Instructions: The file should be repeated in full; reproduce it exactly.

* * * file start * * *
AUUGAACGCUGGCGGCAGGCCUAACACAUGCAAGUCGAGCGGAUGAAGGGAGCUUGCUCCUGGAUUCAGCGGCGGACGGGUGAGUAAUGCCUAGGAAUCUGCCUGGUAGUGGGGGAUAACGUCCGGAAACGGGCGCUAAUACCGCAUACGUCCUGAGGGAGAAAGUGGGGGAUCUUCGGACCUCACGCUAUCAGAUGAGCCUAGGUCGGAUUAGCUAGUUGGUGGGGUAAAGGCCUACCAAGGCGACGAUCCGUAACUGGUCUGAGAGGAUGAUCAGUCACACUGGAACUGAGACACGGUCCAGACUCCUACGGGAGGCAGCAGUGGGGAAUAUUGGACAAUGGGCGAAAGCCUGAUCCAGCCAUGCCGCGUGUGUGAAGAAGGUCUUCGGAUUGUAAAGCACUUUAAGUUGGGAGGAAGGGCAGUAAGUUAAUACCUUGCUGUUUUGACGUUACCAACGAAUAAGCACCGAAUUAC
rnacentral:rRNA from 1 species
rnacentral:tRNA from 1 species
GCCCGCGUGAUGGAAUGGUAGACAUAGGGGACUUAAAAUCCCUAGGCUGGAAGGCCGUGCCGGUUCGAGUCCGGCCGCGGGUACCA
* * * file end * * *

AUUGAACGCUGGCGGCAGGCCUAACACAUGCAAGUCGAGCGGAUGAAGGGAGCUUGCUCCUGGAUUCAGCGGCGGACGGGUGAGUAAUGCCUAGGAAUCUGCCUGGUAGUGGGGGAUAACGUCCGGAAACGGGCGCUAAUACCGCAUACGUCCUGAGGGAGAAAGUGGGGGAUCUUCGGACCUCACGCUAUCAGAUGAGCCUAGGUCGGAUUAGCUAGUUGGUGGGGUAAAGGCCUACCAAGGCGACGAUCCGUAACUGGUCUGAGAGGAUGAUCAGUCACACUGGAACUGAGACACGGUCCAGACUCCUACGGGAGGCAGCAGUGGGGAAUAUUGGACAAUGGGCGAAAGCCUGAUCCAGCCAUGCCGCGUGUGUGAAGAAGGUCUUCGGAUUGUAAAGCACUUUAAGUUGGGAGGAAGGGCAGUAAGUUAAUACCUUGCUGUUUUGACGUUACCAACGAAUAAGCACCGAAUUAC
rnacentral:rRNA from 1 species
rnacentral:tRNA from 1 species
GCCCGCGUGAUGGAAUGGUAGACAUAGGGGACUUAAAAUCCCUAGGCUGGAAGGCCGUGCCGGUUCGAGUCCGGCCGCGGGUACCA